“He is the patron saint of Austin liberals,” said Steven L. Davis, the author of “J. Frank Dobie: A Liberated Mind” and a curator at the Wittliff Collections at Texas State University. On Friday night, Mr. Davis will join a cadre of oral storytellers and writers who will rhapsodize about Mr. Dobie and read from his works as part of Dobie Dichos.

Visitors can discover — or simply reinforce — the legacy of this pioneer of Texas liter

ature, who is said to have influenced both Larry McMurtry’s “Lonesome Dove” and Cormac McCarthy’s “All the Pretty Horses,” when they sit around the campfire with a bowl of chili con carne and try to, as Mr. Davis said, “summon his spirit out of the smoke.”

Oakville Jailhouse, Nov. 2, 6 p.m.,

My South Texas Article: Spine-tingling setting for ghost stories



Published March 1, 2015

“One of the best!” SOUTHERN VOICE MAGAZINE, ATLANTA 11/23/01

Insightout Book of the Month Club Bestseller 2001


TEXAS INSTITUTE OF LETTERS Runner-up, John Bloom Award, 2001

FOREWORD MAGAZINE, Book of the Year Finalist, 2001

(“ANY KIND OF LUCK” was recently added to the “Top 100 Gay Novels in American Literature” –  & )

A new novel by William Jack Sibley

“Can two Chelsea boys survive life in rural Texas? That’s the question that William Jack Sibley answers in ANY KIND OF LUCK, his hilarious and high-spirited debut novel. Thanks to a family crisis, 37-year-old Manhattan actor/hand model Clu Latimore (along with his lover, Chris) finds himself back in his hometown of Grit, Texas, for the first time in years. Here in the land of barbeque, Baptists and bluebonnet flowers, they discover a cast of eccentrics that would send Tennessee Williams scrambling for his pen: from Miss Oveta, the bejeweled town dowager and her oh-so-fey “adopted son” Mr. Jeffrey, to Brother Ramirez, a Mexican-American faith healer, to a blue-haired, tattooed, out and proud gay teen,named Brandon.  Before Clu’s trip is over, there will be lover’s betrayed, secrets revealed, new romances and heartwrenching goodbyes — not to mention a wedding, birth, funeral and no-holds-barred production of Agamemnon: The Musical.  (Kensington – 288 pages, hardcover and paperback)


“This is the tequila-fueled, Southern Gothic Texas that George W. Bush doesn’t want the rest of the country to know about.” – InsightOut Book of The Month Club Review.

” ANY KIND OF LUCK is lively, funny and moving. Sibley is off to a good start!” – Pulitzer Prize (Lonesome Dove) and Academy Award winner (Brokeback Mountain), Larry McMurtry

REVIEWS:  “One of the best from 2001!”  Book Nook, Gay Today, Jesse Monteaguado, 12/01, (

“Sibley’s tale is humorous and full of memorable characters and laughs. (His) vivid writing style is fresh and unique; his use of unusual metaphors and descriptive text sets him apart from the ordinary. (The) story is thoroughly entertaining, and readers will easily identify …” — Inside The Cover Book Reviews by Amy Brozio-Andrews (

“Energetic, delightful…right on the money.  Sibley’s bouncy story line…conclude this light, humorous book…shot through with campy one-liners and happy endings.” Publishers Weekly, 7/30/01

“Hilarious characters and breezy but comically entertaining plots that don’t strain the brain.  Enticing and nutty…an energetic, frenzied take…wildly funny…charming material…spicy,endearing characters. (It) will certainly make you giddy, an emotion we could use more of these days.” James Piechota, The Bay Area Reporter, 8/17/01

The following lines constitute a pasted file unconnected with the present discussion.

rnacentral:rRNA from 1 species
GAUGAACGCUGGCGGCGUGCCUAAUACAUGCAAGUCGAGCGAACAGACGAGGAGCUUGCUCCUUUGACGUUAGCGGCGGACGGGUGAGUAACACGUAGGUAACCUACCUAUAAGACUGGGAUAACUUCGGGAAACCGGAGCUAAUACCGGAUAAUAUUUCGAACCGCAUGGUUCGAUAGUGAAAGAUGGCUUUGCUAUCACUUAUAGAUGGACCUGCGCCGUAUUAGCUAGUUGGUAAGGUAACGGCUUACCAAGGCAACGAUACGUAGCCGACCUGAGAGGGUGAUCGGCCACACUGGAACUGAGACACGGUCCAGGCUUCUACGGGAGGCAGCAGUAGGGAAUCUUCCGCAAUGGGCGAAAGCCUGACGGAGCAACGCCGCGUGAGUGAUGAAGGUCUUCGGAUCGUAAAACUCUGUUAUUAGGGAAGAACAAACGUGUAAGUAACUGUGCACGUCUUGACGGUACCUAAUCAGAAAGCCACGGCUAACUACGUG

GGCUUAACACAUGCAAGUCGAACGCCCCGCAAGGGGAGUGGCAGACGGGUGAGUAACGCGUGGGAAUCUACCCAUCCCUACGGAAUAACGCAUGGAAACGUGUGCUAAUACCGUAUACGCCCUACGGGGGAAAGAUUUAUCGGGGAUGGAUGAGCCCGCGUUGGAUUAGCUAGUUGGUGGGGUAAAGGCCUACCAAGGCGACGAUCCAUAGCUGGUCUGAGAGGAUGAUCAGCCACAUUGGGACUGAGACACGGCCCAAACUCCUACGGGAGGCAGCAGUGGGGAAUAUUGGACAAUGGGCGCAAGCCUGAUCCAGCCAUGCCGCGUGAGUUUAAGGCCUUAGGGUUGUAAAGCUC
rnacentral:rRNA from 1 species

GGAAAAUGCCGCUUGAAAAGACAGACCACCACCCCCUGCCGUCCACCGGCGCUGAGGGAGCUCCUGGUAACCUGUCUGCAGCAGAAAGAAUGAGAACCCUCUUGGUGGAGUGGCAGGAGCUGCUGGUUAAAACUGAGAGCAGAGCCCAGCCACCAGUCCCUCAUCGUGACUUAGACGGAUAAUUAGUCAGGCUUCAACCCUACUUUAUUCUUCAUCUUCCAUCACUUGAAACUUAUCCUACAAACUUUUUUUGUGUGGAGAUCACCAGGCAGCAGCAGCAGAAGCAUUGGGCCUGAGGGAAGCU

“Sibley has written a valentine to his home state (Texas).” John Griffin, San Antonio Express-News, 9/5/01, Section G, Page 1 (

“If you’ve forgotten what it’s like to read just for fun, pick up Any Kind of Luck … a very affectionate look at life in a small Texas town (and) Sibley captures it so well, you might feel as though you’ve been home again.” Ella Tyler,The Houston Voice, 9/7/01, (

“What a first novel it is! The author has a grasp of the metaphor that rivals Tom Robbins. Sibley creates a story so fresh and new that it blows past the reader’s expectations.” Graham Averill, The Fort Worth Weekly, 9/20/01, (

“To mix serious fiction wIth laugh out loud humor is a difficult task, but William Jack Sibley has succeeded in doing just that … strong characters and inspired dialogue … marvelous ability to create believable characters facing trying situations with dignity and humor.” Juliet Sarkessian, Lambda Book Report, September 2001, (

“Deals humorously with coming out, coming home, and coming to terms with one’s identity.  It’s a lot of fun.” P. J. Willis, Unzipped, September 2001, page 64 “Sibley has a knack for the apt phrase … (he) plunges gleefully through his first novel, pulling the reader along in his wake on a hilarious and breathtaking ride.” E.B. Boatner, Lavender (Minneapolis), Oct. 5, 2001

“…a book that has some muscle to it. A touching story and one I definitely recommend!”  Joe Hanssen, Gay Mans Guide, Oct. 3, 2001, (

“… Funny, engaging and all around delightful … Sibley’s writing is honest, refreshing, reflective …” Kim McNabb, Chicago Free Press, 10/24/01, (

“…delightful characters … captivating plot and sparkling dialogue … this book teaches us some valuable lessons about family, friendship, our hometown and ourselves.” Jesse Monteaguado, The Weekly News (South Florida),  10/25/01, (

“…hilarious and high-spirited … I cried through the last ten pages.  This is a humorous debut novel which is also tender, painful and enriching.” Toni Pizanie, Ambush (New Orleans), 10/01, (

“Engrossing … the storyline is detailed, the characters treated with love and dimensionality …the message is that of healing and love without being preachy.” Jess Littleman, Quest (Madison, WI), 11/01/01,(